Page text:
Image: phone with Vietnam Veteran hat. Text: Veterans answered the call to serve. Now scammers are calling.

Scams Targeting Veterans

AARP and the U.S. Postal Inspection Service have launched Operation Protect Veterans to help raise awareness of common scams targeting veterans. Here are some of the scams to watch out for.

To learn more download the Watchdog Alert Handbook or call the AARP Fraud Watch Network Helpline at 1-877-908-3360.

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Benefits Scams

Benefits buyout scam: Scammers offer an upfront payment of cash in exchange for a veteran's future disability or pension payments. These buyouts are typically a fraction of the value of the benefit.

Investment/pension scam: Unscrupulous investment advisers claim the veteran may be able to claim additional government benefits by overhauling their investment holdings. Get credible information on how to qualify for veterans' benefits by contacting your state veterans' affairs agency. Visit www.nasdva.us and click on "Links."

Veterans Choice Program scam: Scammers have set up a phone number nearly identical to the number veterans dial to find out if they are eligible to use approved health care providers outside of the VA system. Veterans call the fake number and a message prompts them to leave their credit card information in return for a rebate. They debit your account, and the vet gets nothing in return. Make sure to dial the correct number for the VCP: 866-606-8198.

Charging for records: A scammer attempts to charge for access to a veteran's military records or government forms. Never pay for your records: all information is free through your local VA.

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Identity Theft Scams

VA phishing: Scammers call veterans claiming they work for the VA and ask for personal information to update their records. If you get an unsolicited call from the VA, hang up.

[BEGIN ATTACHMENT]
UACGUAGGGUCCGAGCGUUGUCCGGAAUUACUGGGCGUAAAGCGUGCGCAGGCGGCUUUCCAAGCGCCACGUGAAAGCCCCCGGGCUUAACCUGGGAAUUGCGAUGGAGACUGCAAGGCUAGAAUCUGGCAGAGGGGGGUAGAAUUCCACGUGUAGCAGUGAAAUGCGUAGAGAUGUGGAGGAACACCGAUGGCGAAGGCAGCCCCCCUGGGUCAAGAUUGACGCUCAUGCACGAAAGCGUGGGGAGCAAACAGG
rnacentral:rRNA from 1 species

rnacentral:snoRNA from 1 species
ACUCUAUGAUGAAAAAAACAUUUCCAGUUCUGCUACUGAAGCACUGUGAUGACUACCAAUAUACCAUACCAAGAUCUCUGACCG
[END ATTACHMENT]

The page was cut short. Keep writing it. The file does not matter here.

Employment scams: Con artists post bogus job offers to recruit veterans on various online job boards. The scammer may use or sell your personal information provided in the job application. It's likely a scam if you have to pay to get the job, you need to supply credit card or banking information, or the ad is for "previously undisclosed" federal government jobs.

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Other Common Scams Targeting Veterans

GI Bill education marketing scam: Veterans seeking to take advantage of the GI Bill for college courses may be targets of deceptive marketing tactics that provide false information and encourage them to attend expensive for-profit educational institutions. The VA offers a comparison tool to help you locate a school and determine your benefits. Visit www.vets.gov/education/gi-bill.

Special deals for veterans scam: Scammers offer special discounts for veterans on a range of products, like loans and car purchases. Often, the products aren't discounted at all, or they don't actually exist. Check out offers carefully, and never wire money to someone you don't know.

Rental scam: A scammer posts a fake rental property on a classified ad website offering discounts for active duty military and veterans. You just need to wire transfer a security deposit to the landlord. Only there is no rental property and you just lost your security deposit.


Learn more about how scammers target military veterans by reading AARP's report Under Fire: Military Veterans and Consumer Fraud.

If you're a veteran who's been contacted by a scammer or know someone else who has been, share your story at protectveterans@aarp.org or 1-855-800-9023.